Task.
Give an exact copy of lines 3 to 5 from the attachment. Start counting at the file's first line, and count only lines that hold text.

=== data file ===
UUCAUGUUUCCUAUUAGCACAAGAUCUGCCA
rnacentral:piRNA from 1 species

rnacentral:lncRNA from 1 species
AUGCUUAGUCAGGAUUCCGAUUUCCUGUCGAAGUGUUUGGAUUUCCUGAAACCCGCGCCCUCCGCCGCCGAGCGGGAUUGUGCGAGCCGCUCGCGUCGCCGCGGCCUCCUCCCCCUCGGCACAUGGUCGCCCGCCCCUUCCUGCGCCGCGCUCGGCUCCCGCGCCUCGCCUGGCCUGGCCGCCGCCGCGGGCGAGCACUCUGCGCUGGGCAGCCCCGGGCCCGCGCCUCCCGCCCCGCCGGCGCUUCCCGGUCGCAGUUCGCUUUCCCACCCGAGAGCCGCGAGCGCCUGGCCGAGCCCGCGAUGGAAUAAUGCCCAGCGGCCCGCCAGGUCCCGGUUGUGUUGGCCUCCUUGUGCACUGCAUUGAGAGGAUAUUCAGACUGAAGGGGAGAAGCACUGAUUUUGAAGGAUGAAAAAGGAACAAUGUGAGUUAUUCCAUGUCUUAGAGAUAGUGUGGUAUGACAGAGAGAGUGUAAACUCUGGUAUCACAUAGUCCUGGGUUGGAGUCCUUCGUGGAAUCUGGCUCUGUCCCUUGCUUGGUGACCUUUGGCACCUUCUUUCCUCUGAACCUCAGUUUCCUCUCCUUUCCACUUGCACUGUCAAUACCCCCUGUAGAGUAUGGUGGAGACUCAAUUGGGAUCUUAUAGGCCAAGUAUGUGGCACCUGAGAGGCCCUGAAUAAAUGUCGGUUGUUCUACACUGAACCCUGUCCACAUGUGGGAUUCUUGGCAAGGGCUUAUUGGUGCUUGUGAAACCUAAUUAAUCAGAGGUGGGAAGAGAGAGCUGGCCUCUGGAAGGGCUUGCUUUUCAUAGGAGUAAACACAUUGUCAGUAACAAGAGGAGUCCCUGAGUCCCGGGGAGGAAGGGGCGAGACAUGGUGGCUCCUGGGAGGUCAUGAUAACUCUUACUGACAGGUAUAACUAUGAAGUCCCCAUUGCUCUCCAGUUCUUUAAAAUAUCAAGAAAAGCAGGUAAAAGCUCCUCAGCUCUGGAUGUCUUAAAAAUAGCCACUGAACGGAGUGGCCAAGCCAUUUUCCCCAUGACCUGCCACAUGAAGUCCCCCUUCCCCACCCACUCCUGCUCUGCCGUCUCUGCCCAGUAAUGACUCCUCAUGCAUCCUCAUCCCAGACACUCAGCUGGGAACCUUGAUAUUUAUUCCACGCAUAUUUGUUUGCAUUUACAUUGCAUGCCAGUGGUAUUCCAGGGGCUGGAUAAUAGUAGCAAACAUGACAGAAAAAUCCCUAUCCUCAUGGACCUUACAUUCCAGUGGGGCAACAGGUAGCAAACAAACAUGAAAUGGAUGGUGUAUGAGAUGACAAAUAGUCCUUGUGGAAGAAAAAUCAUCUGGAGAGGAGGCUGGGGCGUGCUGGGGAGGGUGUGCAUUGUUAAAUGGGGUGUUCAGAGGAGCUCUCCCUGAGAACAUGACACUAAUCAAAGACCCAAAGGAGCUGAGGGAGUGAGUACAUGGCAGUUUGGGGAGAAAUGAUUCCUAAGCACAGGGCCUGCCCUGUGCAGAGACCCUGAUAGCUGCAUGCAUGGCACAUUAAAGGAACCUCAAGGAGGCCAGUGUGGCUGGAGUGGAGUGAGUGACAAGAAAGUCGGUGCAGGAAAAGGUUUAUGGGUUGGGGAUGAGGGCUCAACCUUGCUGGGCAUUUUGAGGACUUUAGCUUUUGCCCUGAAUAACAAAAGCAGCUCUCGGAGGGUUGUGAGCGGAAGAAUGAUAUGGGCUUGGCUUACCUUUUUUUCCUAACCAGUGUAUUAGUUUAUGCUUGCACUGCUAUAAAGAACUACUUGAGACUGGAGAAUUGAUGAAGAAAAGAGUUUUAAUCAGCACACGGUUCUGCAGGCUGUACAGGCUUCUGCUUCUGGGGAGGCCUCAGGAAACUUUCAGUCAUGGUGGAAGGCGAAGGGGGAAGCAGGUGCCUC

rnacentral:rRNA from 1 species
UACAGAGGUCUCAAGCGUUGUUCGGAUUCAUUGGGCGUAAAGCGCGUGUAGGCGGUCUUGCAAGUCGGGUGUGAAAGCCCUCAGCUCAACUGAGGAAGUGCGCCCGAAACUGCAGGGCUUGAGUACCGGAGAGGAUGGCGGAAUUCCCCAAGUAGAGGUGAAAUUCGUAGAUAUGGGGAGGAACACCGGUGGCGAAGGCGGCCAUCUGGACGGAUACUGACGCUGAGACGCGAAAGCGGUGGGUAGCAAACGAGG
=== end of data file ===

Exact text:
rnacentral:lncRNA from 1 species
AUGCUUAGUCAGGAUUCCGAUUUCCUGUCGAAGUGUUUGGAUUUCCUGAAACCCGCGCCCUCCGCCGCCGAGCGGGAUUGUGCGAGCCGCUCGCGUCGCCGCGGCCUCCUCCCCCUCGGCACAUGGUCGCCCGCCCCUUCCUGCGCCGCGCUCGGCUCCCGCGCCUCGCCUGGCCUGGCCGCCGCCGCGGGCGAGCACUCUGCGCUGGGCAGCCCCGGGCCCGCGCCUCCCGCCCCGCCGGCGCUUCCCGGUCGCAGUUCGCUUUCCCACCCGAGAGCCGCGAGCGCCUGGCCGAGCCCGCGAUGGAAUAAUGCCCAGCGGCCCGCCAGGUCCCGGUUGUGUUGGCCUCCUUGUGCACUGCAUUGAGAGGAUAUUCAGACUGAAGGGGAGAAGCACUGAUUUUGAAGGAUGAAAAAGGAACAAUGUGAGUUAUUCCAUGUCUUAGAGAUAGUGUGGUAUGACAGAGAGAGUGUAAACUCUGGUAUCACAUAGUCCUGGGUUGGAGUCCUUCGUGGAAUCUGGCUCUGUCCCUUGCUUGGUGACCUUUGGCACCUUCUUUCCUCUGAACCUCAGUUUCCUCUCCUUUCCACUUGCACUGUCAAUACCCCCUGUAGAGUAUGGUGGAGACUCAAUUGGGAUCUUAUAGGCCAAGUAUGUGGCACCUGAGAGGCCCUGAAUAAAUGUCGGUUGUUCUACACUGAACCCUGUCCACAUGUGGGAUUCUUGGCAAGGGCUUAUUGGUGCUUGUGAAACCUAAUUAAUCAGAGGUGGGAAGAGAGAGCUGGCCUCUGGAAGGGCUUGCUUUUCAUAGGAGUAAACACAUUGUCAGUAACAAGAGGAGUCCCUGAGUCCCGGGGAGGAAGGGGCGAGACAUGGUGGCUCCUGGGAGGUCAUGAUAACUCUUACUGACAGGUAUAACUAUGAAGUCCCCAUUGCUCUCCAGUUCUUUAAAAUAUCAAGAAAAGCAGGUAAAAGCUCCUCAGCUCUGGAUGUCUUAAAAAUAGCCACUGAACGGAGUGGCCAAGCCAUUUUCCCCAUGACCUGCCACAUGAAGUCCCCCUUCCCCACCCACUCCUGCUCUGCCGUCUCUGCCCAGUAAUGACUCCUCAUGCAUCCUCAUCCCAGACACUCAGCUGGGAACCUUGAUAUUUAUUCCACGCAUAUUUGUUUGCAUUUACAUUGCAUGCCAGUGGUAUUCCAGGGGCUGGAUAAUAGUAGCAAACAUGACAGAAAAAUCCCUAUCCUCAUGGACCUUACAUUCCAGUGGGGCAACAGGUAGCAAACAAACAUGAAAUGGAUGGUGUAUGAGAUGACAAAUAGUCCUUGUGGAAGAAAAAUCAUCUGGAGAGGAGGCUGGGGCGUGCUGGGGAGGGUGUGCAUUGUUAAAUGGGGUGUUCAGAGGAGCUCUCCCUGAGAACAUGACACUAAUCAAAGACCCAAAGGAGCUGAGGGAGUGAGUACAUGGCAGUUUGGGGAGAAAUGAUUCCUAAGCACAGGGCCUGCCCUGUGCAGAGACCCUGAUAGCUGCAUGCAUGGCACAUUAAAGGAACCUCAAGGAGGCCAGUGUGGCUGGAGUGGAGUGAGUGACAAGAAAGUCGGUGCAGGAAAAGGUUUAUGGGUUGGGGAUGAGGGCUCAACCUUGCUGGGCAUUUUGAGGACUUUAGCUUUUGCCCUGAAUAACAAAAGCAGCUCUCGGAGGGUUGUGAGCGGAAGAAUGAUAUGGGCUUGGCUUACCUUUUUUUCCUAACCAGUGUAUUAGUUUAUGCUUGCACUGCUAUAAAGAACUACUUGAGACUGGAGAAUUGAUGAAGAAAAGAGUUUUAAUCAGCACACGGUUCUGCAGGCUGUACAGGCUUCUGCUUCUGGGGAGGCCUCAGGAAACUUUCAGUCAUGGUGGAAGGCGAAGGGGGAAGCAGGUGCCUC

rnacentral:rRNA from 1 species